Sunday, May 02, 2010
'Why do you worry so much about things that are not in your control?', my friend Dennis asked as I was complaining to him about the possibly insufficient 50-minute layover in Atlanta on my Argentina trip. My immediate, gut feeling response was (and is, and will be), 'That's precisely why I worry, because it is not in my control; if it was, then I wouldn't waste my time worrying and would try to fix what was bothering me instead.' He didn't quite agree, and we argued for the rest of the car ride; the scope of our discussion kept getting wider as we went back and forth until we had to stop because we had reached our destination.
But clearly we both felt we had more to say, as evidenced by this subsequent email exchange (Dennis' messages are in red, and my responses in blue).
You know, the whole conversation could have been skipped if you had just said what you said at the end at the beginning. My comment that started the whole thing was something like "You know, you worry way too much about things out of your control" (in response to you worrying about your flight). If you had just said, like you did at the end, "I'm the type of person that does worry too much, but I don't really intend to change that" The conversation goes down a different path.
Yeah, I agree. But I do think some other interesting points came up in the argument. For example, suppose a close friend or relative is really sick and in the hospital. I have done everything in my power to help them, but the situation is now completely out of my control. Speaking completely rationally, it would be totally wasteful to worry any more. But I think if I wasn't consumed with worry, that would make me a horrible person. If I said OK, I have done everything I could, now it's out of my control, so there is no sense in worrying about this any more, that would be terrible. Just like, if I was sick, I would want my loved ones to be worried about me even if the situation was out of their control.
I think this occasional choice of emotion over rationality is one of the things that makes us human. I think I was trying to argue against the point that all wasteful emotions should be eliminated. In this case - worrying about a sick loved one may be technically wasteful, but I don't think we want humans to be rational to that extent.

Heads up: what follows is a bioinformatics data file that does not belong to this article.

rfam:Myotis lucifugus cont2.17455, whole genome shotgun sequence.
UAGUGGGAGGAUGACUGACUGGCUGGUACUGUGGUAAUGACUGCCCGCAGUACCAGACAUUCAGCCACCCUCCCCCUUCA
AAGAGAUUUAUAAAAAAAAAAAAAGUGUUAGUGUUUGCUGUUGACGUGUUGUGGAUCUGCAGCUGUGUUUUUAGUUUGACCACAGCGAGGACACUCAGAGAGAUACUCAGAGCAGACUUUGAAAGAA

I would not consider that wasteful because there is always more research, there are things that one can always do. You may not be able to prevent death but can do things to assist your loved one, make them feel better. Again, worry in this instance, not completely wasteful because it affects your decision and course of action.
Maybe it's our definition of "wasteful". I am not suggesting getting rid of all emotion, nor do I expect everyone/anyone to be able to control all emotion. However, emotion that has no benefit on any scale, should be minimized or one should try to minimize them. The only caveat would be that the effort put forth to minimize them causes more strain than one would gain eliminating that useless worry.
I do agree that part of our argument stems from the difference in our interpretation of the word wasteful. However, going by your statement that 'there are things that one can always do', there would be almost nothing that could be considered truly wasteful.
For example, in my case, because I am worried that my 50-minute layover may not be enough time, I will take a number of steps: I will try to get a seat in the front of the plane (as suggested by you); I will make sure that my carry-on bag is not heavy or bulky; I will do some prior research to make sure that I am familiar with the airport and the gates so I know exactly where to go; I won't go to the restroom during the transit unless absolutely necessary; I won't stop to get any food or a snack even if I am hungry... etc. This list is important because I wouldn't have to take any of these steps if my layover was, say, 2 hours. So I am minimizing the risk of missing my connection as a direct result of my worry, and thus it has value to me. The word 'minimize' is key here - I could never completely eliminate the risk of missing the connection, so that effort would be futile.
So, going by the 'there are things that one can always do' thought process, I am truly at a loss to think of any situation at all where worrying would not lead to at least coming up with some steps that would minimize the risk of an undesirable outcome.
Of course, if your point is that 'Simply worrying about anything without actually making any effort or taking any steps to try and solve the problem & minimize the risk is wasteful', then I am completely in agreement. However, it is still true that there will always be people who tend to over-worry and will do so even when they realize that it is counter-productive - and for whom the effort to stop worrying will actually cause more strain.
Update: Nothing went wrong with the trip. My flight from SFO to ATL was late, but I still had just enough time to get on the plane to EZE; my passport was almost stolen on a very crowded Subte (underground train) in Buenos Aires; and US airport security didn't allow me to bring back a small bottle of coconut milk I had bought in Argentina. But other than that, everything was quite hunky dory.